You’ll want to bite the bullet here and make the call. An injured child’s parents probably won’t let you off the hook just because you don’t have insurance to pay for medical expenses. Expect the worst.

Tip: The same goes for the purchase of a new dog (if the breed is considered inherently dangerous) or the addition of a swimming pool on your policy.

What if I have a previous trampoline insurance claim?

There is no helping you if you have a previous liability claim resulting from a trampoline and you don’t dismantle the darn thing and sell it on EBay. Your insurer, who was happy to give you the benefit of the doubt on the first go ‘round will certainly drop you after the claim is paid.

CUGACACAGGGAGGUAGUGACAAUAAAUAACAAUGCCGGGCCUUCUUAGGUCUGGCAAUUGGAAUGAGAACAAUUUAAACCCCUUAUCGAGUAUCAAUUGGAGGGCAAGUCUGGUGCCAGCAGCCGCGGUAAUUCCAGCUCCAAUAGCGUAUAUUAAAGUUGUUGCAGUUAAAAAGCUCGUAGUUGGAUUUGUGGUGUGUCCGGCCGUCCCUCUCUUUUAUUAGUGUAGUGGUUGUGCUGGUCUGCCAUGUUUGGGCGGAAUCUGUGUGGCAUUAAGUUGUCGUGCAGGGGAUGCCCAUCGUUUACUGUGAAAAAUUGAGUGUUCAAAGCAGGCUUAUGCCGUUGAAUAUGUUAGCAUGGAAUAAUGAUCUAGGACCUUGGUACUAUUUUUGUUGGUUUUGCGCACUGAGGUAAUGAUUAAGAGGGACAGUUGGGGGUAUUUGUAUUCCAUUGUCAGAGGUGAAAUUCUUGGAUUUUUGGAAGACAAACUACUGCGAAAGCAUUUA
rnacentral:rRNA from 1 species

But hey…it’s America. You can do almost anything you want if you have enough money. A seasoned independent insurance agent can find you insurance coverage for just about anything, which includes coverage for trampoline liability after you have had a claim stemming from the trampoline. Just don’t complain when your premium is triple what you paid the previous year!

What’s the bottom line?

Insurance geeks, like us at TTAI, recommend avoiding things like trampolines. Why? Because they are a claim waiting to happen. Even if your insurer provides trampoline coverage, you’ll pay through the nose (for 5 years) if a related claim appears on your C.L.U.E. report.

Unless your child is a shoe-in for the Olympic trampoline team, you may want to skip the whole thing. Any parent will tell you that kids will only enjoy a new toy for a short time – then it falls to the wayside.

Can you think of any other toy you could buy them that might cost you several thousands of dollars over the next few years? Probably not. Act accordingly.

(photo: Scott Ableman)